In its judgment, the ECJ considers, first of all, that the EUIPO decision is vitiated by an error of assessment in so far as EUIPO has found that the different colours on the six sides of the cube are an essential feature of the mark at issue. Be. First, Rubik’s Brand has never claimed that the possible colouring of each side of the cube plays an important role for it in connection with the registration of the mark at issue, and, on the other hand, a mere visual analysis of the graphic Representation of this mark does not clearly recognize that the six sides of the cube have different colors.
The General Court also upholds the definition of technical effect contained in the contested decision. In that context, the General Court finds that the type of cube at issue represents the appearance of the specific product for which registration was sought, namely the three-dimensional jigsaw puzzle known as ‘Rubik’s cube’. This commodity is a game whose goal is to restore a colored three-dimensional puzzle in the form of a cube of six sides of different color. This goal is achieved by turning rows of smaller cubes of different colors, which are part of a larger cube, vertically and horizontally around an axis until the nine squares of each side of that cube have the same color.
As regards the assessment of the functionality of the essential features of the mark at issue, the General Court, like EUIPO, considers that the essential feature, which consists in the black lines which intersect horizontally and vertically on each side of the cube and each of these sides is thus divided into nine small cubes of the same size, arranged in three rows of three each, is necessary to achieve the desired technical effect.
These black lines represent a physical separation between the various small cubes, which allow the player to rotate each row of small dice independently of each other, in order to place these small cubes in the desired color combination on the six pages of the cube. Such a physical separation is necessary in order to be able to rotate the different rows of small cubes vertically and horizontally using a mechanism inside the cube. Without such a physical separation, the cube would be nothing more than a fixed block that would not contain a single element that could be moved independently.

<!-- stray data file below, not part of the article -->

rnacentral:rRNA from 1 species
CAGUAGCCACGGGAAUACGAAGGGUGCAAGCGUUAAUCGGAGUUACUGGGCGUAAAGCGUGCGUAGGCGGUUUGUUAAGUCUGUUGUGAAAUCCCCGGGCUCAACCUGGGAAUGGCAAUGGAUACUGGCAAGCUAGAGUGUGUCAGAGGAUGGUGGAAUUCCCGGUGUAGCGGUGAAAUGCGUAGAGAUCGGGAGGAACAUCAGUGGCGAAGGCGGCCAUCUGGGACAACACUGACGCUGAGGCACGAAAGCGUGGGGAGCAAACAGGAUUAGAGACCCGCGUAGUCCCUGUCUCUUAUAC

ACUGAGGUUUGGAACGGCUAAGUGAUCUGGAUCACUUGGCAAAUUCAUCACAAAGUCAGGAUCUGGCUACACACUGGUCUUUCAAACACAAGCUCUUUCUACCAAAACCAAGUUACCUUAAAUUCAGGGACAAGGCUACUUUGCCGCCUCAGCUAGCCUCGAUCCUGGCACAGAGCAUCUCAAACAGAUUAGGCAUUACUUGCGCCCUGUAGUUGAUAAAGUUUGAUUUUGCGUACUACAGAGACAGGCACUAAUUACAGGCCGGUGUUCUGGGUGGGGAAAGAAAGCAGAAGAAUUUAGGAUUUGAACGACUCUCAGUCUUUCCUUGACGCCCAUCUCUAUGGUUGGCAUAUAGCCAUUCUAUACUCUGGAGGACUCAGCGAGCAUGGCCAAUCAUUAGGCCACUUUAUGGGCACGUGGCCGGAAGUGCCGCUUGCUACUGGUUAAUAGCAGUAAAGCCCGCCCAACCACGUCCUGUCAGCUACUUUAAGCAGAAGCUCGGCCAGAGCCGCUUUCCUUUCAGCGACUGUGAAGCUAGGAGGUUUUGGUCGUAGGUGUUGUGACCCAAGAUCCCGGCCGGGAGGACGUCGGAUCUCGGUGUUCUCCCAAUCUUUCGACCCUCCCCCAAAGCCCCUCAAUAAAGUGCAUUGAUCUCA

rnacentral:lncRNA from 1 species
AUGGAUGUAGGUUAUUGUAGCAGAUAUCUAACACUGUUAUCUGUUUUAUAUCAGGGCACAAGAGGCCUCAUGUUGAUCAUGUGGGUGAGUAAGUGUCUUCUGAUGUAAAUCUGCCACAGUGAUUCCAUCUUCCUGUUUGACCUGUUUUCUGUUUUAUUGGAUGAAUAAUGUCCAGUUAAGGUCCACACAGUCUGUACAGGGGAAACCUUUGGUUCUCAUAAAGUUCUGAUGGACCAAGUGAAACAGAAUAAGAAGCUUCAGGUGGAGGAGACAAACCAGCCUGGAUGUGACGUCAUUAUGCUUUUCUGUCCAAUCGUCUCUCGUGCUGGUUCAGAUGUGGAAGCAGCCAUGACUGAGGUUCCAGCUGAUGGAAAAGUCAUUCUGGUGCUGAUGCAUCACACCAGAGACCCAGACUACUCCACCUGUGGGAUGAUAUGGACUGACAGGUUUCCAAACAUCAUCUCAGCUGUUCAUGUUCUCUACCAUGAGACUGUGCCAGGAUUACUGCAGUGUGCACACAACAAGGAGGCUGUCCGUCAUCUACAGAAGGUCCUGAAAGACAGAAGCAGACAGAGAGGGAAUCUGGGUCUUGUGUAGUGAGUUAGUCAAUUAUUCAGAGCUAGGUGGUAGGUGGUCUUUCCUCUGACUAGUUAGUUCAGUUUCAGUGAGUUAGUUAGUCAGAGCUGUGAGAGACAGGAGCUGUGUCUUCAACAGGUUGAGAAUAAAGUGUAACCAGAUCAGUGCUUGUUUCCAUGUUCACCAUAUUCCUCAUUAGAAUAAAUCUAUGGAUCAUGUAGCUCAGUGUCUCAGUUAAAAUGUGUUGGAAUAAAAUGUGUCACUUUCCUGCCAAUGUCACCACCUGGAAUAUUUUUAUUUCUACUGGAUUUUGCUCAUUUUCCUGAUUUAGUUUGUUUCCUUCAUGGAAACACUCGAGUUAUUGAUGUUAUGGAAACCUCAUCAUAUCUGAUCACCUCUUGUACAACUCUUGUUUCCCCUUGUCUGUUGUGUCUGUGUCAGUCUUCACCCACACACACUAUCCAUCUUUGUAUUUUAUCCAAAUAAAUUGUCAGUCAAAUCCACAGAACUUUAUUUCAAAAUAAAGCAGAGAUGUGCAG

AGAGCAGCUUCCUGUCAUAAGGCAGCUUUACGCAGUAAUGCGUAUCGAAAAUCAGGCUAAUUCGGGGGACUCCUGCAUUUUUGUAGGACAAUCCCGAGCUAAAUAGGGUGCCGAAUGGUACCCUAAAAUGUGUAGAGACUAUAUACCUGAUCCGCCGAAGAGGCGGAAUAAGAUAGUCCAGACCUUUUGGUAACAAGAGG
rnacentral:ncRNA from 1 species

As regards the essential feature of the shape of the cube as a whole, the General Court agrees with the
EUIPO’s view that the shape of the cube is inseparable from, on the one hand, the grid structure, which consists of black lines that intersect on each side of the cube and divide each side into nine small cubes of the same size, divided into three rows of three and, on the other hand, the function of the concrete commodity, which consists in the series of small cubes being rotated horizontally and vertically. In the light of those elements, the shape of the product may be only that of a cube, that is to say, a regular hexahedron.
In conclusion, therefore,
Therefore, the General Court concludes that, although the different colours on the six sides of the cube do not constitute an essential feature of the mark at issue, the two features of that mark, which EUIPO rightly classifies as essential, are in order to achieve the with the effect sought by the product represented by the type of cube in question, and that form should therefore not have been registered as an EU trade mark. Consequently, the General Court upholds the contested decision and dismisses the action brought by Rubik’s Brand.